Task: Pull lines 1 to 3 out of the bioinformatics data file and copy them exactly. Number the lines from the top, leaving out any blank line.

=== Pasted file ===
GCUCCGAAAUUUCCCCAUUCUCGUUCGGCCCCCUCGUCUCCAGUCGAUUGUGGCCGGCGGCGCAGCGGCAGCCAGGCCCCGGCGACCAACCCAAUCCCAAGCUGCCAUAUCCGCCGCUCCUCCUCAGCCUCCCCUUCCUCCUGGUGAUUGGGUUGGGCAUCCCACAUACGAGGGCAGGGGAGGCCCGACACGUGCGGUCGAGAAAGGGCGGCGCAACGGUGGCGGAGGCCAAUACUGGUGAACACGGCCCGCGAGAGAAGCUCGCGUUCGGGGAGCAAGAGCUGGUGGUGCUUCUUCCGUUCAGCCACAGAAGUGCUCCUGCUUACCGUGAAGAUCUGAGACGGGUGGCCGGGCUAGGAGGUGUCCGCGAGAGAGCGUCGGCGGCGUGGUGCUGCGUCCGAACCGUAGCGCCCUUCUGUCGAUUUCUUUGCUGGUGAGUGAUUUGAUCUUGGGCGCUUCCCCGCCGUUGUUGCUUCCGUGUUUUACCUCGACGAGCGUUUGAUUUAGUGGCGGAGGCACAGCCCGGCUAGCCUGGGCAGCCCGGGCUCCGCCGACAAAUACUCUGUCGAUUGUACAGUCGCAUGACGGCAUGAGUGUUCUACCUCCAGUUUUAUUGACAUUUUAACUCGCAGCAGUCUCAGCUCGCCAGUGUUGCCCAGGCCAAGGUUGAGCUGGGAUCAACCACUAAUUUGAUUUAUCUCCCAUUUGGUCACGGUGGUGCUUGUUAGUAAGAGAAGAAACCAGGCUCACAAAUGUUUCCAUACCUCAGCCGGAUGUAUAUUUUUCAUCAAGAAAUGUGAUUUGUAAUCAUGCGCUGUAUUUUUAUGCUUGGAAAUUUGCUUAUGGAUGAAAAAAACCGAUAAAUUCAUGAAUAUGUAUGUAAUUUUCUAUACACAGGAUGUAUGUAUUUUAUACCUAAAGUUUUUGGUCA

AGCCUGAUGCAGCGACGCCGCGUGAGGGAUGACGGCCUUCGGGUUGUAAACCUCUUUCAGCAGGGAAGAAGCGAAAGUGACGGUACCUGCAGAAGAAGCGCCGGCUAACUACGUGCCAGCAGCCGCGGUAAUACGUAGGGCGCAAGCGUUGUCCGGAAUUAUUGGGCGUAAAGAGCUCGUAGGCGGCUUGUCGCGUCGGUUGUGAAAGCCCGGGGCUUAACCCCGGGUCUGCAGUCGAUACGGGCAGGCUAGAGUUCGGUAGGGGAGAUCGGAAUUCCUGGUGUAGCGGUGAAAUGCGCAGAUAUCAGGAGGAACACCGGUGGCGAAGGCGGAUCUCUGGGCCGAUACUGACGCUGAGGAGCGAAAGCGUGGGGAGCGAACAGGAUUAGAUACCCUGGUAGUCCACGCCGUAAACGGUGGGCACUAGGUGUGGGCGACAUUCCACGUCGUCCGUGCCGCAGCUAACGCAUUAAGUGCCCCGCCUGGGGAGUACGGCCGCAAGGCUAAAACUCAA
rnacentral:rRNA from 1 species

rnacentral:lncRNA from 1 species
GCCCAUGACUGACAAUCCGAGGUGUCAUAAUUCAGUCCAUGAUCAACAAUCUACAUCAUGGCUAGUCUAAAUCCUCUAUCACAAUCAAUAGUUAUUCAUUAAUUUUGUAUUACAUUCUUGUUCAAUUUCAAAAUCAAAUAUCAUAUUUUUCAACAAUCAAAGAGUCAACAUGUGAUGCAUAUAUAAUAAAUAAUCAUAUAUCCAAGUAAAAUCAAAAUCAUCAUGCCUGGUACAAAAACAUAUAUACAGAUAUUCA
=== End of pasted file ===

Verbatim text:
GCUCCGAAAUUUCCCCAUUCUCGUUCGGCCCCCUCGUCUCCAGUCGAUUGUGGCCGGCGGCGCAGCGGCAGCCAGGCCCCGGCGACCAACCCAAUCCCAAGCUGCCAUAUCCGCCGCUCCUCCUCAGCCUCCCCUUCCUCCUGGUGAUUGGGUUGGGCAUCCCACAUACGAGGGCAGGGGAGGCCCGACACGUGCGGUCGAGAAAGGGCGGCGCAACGGUGGCGGAGGCCAAUACUGGUGAACACGGCCCGCGAGAGAAGCUCGCGUUCGGGGAGCAAGAGCUGGUGGUGCUUCUUCCGUUCAGCCACAGAAGUGCUCCUGCUUACCGUGAAGAUCUGAGACGGGUGGCCGGGCUAGGAGGUGUCCGCGAGAGAGCGUCGGCGGCGUGGUGCUGCGUCCGAACCGUAGCGCCCUUCUGUCGAUUUCUUUGCUGGUGAGUGAUUUGAUCUUGGGCGCUUCCCCGCCGUUGUUGCUUCCGUGUUUUACCUCGACGAGCGUUUGAUUUAGUGGCGGAGGCACAGCCCGGCUAGCCUGGGCAGCCCGGGCUCCGCCGACAAAUACUCUGUCGAUUGUACAGUCGCAUGACGGCAUGAGUGUUCUACCUCCAGUUUUAUUGACAUUUUAACUCGCAGCAGUCUCAGCUCGCCAGUGUUGCCCAGGCCAAGGUUGAGCUGGGAUCAACCACUAAUUUGAUUUAUCUCCCAUUUGGUCACGGUGGUGCUUGUUAGUAAGAGAAGAAACCAGGCUCACAAAUGUUUCCAUACCUCAGCCGGAUGUAUAUUUUUCAUCAAGAAAUGUGAUUUGUAAUCAUGCGCUGUAUUUUUAUGCUUGGAAAUUUGCUUAUGGAUGAAAAAAACCGAUAAAUUCAUGAAUAUGUAUGUAAUUUUCUAUACACAGGAUGUAUGUAUUUUAUACCUAAAGUUUUUGGUCA

AGCCUGAUGCAGCGACGCCGCGUGAGGGAUGACGGCCUUCGGGUUGUAAACCUCUUUCAGCAGGGAAGAAGCGAAAGUGACGGUACCUGCAGAAGAAGCGCCGGCUAACUACGUGCCAGCAGCCGCGGUAAUACGUAGGGCGCAAGCGUUGUCCGGAAUUAUUGGGCGUAAAGAGCUCGUAGGCGGCUUGUCGCGUCGGUUGUGAAAGCCCGGGGCUUAACCCCGGGUCUGCAGUCGAUACGGGCAGGCUAGAGUUCGGUAGGGGAGAUCGGAAUUCCUGGUGUAGCGGUGAAAUGCGCAGAUAUCAGGAGGAACACCGGUGGCGAAGGCGGAUCUCUGGGCCGAUACUGACGCUGAGGAGCGAAAGCGUGGGGAGCGAACAGGAUUAGAUACCCUGGUAGUCCACGCCGUAAACGGUGGGCACUAGGUGUGGGCGACAUUCCACGUCGUCCGUGCCGCAGCUAACGCAUUAAGUGCCCCGCCUGGGGAGUACGGCCGCAAGGCUAAAACUCAA
rnacentral:rRNA from 1 species